What originally was a news section for the rest of the website soon became a place for me to write about human-powered wanderings in the countryside. Photography inspires me to get out there, mostly on foot these days, though cycling got me started. Musings on the wider context of outdoor activity complete the picture, so I hope that there is something of interest in all that you find here. Thank you for coming!
Earlier this year, I spent a stretch of time perusing guidebooks while pondering and plotting a summertime North Atlantic escapade. U.S. states like Montana, Wyoming, Washington, Oregon and Colorado all came within the scope of this armchair knowledge gathering. Of the lot, it was going to be Colorado that was getting my nod for a July 2020 excursion with Denver and Boulder offering themselves as likely basis. Of course, the arrival of a global pandemic has eliminated the possibility of any such thinking becoming reality for this year but ideas remain live in spite of this so another year may offer and I now need to wait for that.
Another guidebook for Colorado may await and there are others for California and Ontario too but guidebook reading has been parked for now even if continue to get through a backlog of travel magazines. After all, there now is plenty of time to get back to it again. In the meantime, I have returned to other nature and travel books. The planet’s northern reaches have become part of this with Malachy Tallack’s 60 Degrees North and Gavin Francis’ True North having been completed and I am now in the middle of Peter Davidson’s The Idea of North before going on to Barry Lopez’s Horizon. The time feels right for reading these since guidebook reading for me involving website address gathering and I just want something engrossing that will help to relax me in these testing times.
In parallel, outdoor reading in local parks during the now departed spell of warm sunny weather saw me complete Edward Thomas’ Icknield Way before making a start on his In Pursuit of Spring. The first of these documented a journey on foot trying to retrace the route of the eponymous long distance thoroughfare while the second describes a journey by bicycle from London to the Quantock Hills in Somerset. If anything, the latter happens to be the more readable of the two and I intend to get it completed even if warm sunny weather does not return to us all that soon.
The reason for the title has nothing to do with the forestalling of trips away by current necessary travel restrictions though. It was caused by my listening to a program hosted by Don Letts on BBC Radio 6 Music last Sunday night in an effort to curtail restlessness at bedtime last Sunday night. What occurred to me then was the passage of recent decades and the way that I have not caught up in some ways.
This matter brings up the subject of music and that is not customary for this blog. It reminds me of how the 1960’s felt to me in previous decades. During my childhood, it was a mere 20 years before and figures like Paul McCartney, Mick Jagger and David Bowie were active as part of what felt to me like an afterglow of that decade. This was before the revival of interest in music from the same decade during the 1990’s when it was just 30 years before. Now that the last decade of the last century itself is pushing on for being 30 years ago and it was the decade when I began to find my feet in life, the 1960’s feel even more distance and that realisation gave me something of a shock when it hit me.
An upshot of all this is the added need to collect new experiences as restrictions are lifted. Such is our current situation that I will not be in the vanguard of wider travel and that especially is the case given my dependence on public transport. Nevertheless, those expanded horizons discussed at the start of this entry again begin to loom larger after other places nearer to hand are revisited before them. These will be in Britain first before other European destinations around Scandinavia or in the Alps get tested first. There may be a need to do these in a new way, not only because of our changed world but also because of my changed perspective. More time may allow me to further develop what that might mean.
Unlike this time last year when I was in the middle of string of outdoor excursions, this month has little very little action at all. The weather has brought storm after storm and the rain is flooding down from the sky as I write this words. January may have been more appealing but other concerns like gaining a new contract took precedence. That has been sorted now so next week should see a start on revenue earning work again.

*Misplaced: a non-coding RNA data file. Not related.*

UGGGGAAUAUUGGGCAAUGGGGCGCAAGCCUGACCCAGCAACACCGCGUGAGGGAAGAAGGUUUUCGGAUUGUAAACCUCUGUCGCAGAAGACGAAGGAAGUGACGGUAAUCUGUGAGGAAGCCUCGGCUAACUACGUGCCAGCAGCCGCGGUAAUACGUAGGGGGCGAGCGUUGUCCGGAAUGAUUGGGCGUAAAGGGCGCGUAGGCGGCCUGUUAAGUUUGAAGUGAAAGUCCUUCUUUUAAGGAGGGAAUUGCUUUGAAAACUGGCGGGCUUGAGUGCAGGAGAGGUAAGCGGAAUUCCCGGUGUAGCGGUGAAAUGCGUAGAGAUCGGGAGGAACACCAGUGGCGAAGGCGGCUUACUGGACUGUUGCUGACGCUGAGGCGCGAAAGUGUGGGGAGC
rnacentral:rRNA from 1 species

That is not to say that I have not been exploring ideas for overseas trips or one nearer home even if COVID-19 could limit such excursions for a while. Finding possible destinations in Washington State, Oregon, Montana and Wyoming has drive me to perusing various guidebooks and others for Colorado, California and Ontario have found their way onto my reading list. It is the prospect of extending North American explorations after last year’s stint in British Columbia that is the underlying motivation for all of this.
There is no shortage of wilderness areas but there is a need to find a base from which to explore them. Denver looks promising for a stay in Colorado but I need to uncover more about that state and, in a sense, the same applies to Lake Tahoe on the boundary between California and Nevada or Ontario where being based in Toronto could have a use.
Reading guidebooks may not sound exciting but they do advance all these pipe dreams. Consulting local magazines like Distinctly Montana, Wyoming Magazine, Big Sky Journal, Montana Outdoors and Montana Quarterly would augment these in a more bite-sized manner and some have email newsletters too so it is not a case of reading everything at once only then to forget it all afterwards. My European explorations have been more gradual affairs, after all, and it always helps to find ideas one at a time.
The next steps would be to make use of these but that will depend on how the year goes. COVID-19 is a reminder that events can derail such designs so it is best to see what can be facilitated. One thing is sure though: another visit to North America could happen yet.
2019 had its share of preoccupations, both political and professional, and I did get out and about more during the first half of the year than the second. Weather had its part in that as much as those aforementioned preoccupations but the dividing line appears to be my trip to British Columbia in July. That also needed recovery from jet lag together with financial restoration.
Before all that, there were numerous trips to Yorkshire and Scotland between February and May. The Yorkshire outings took me around Settle and Malham after a visit to the North York Moors near Great Ayton. Easter was spent around Edinburgh with excursions to Linlithgow, Peebles and Penicuik getting me out into more natural surroundings on a sunny weekend that rather spoiled me. Subsequent return visits in May even featured a return to Stirling as well as another stopover in Linlithgow.
The Canadian trip was the highlight though and my base in Vancouver allowed for plenty of exploration around the city itself as well as fitting in side trips to North Vancouver, Squamish and Vancouver Island. The introduction was so thorough that I struggle to think of an excuse to return and there should be plenty of those as long as I figure out how to spend time on any associated long flights.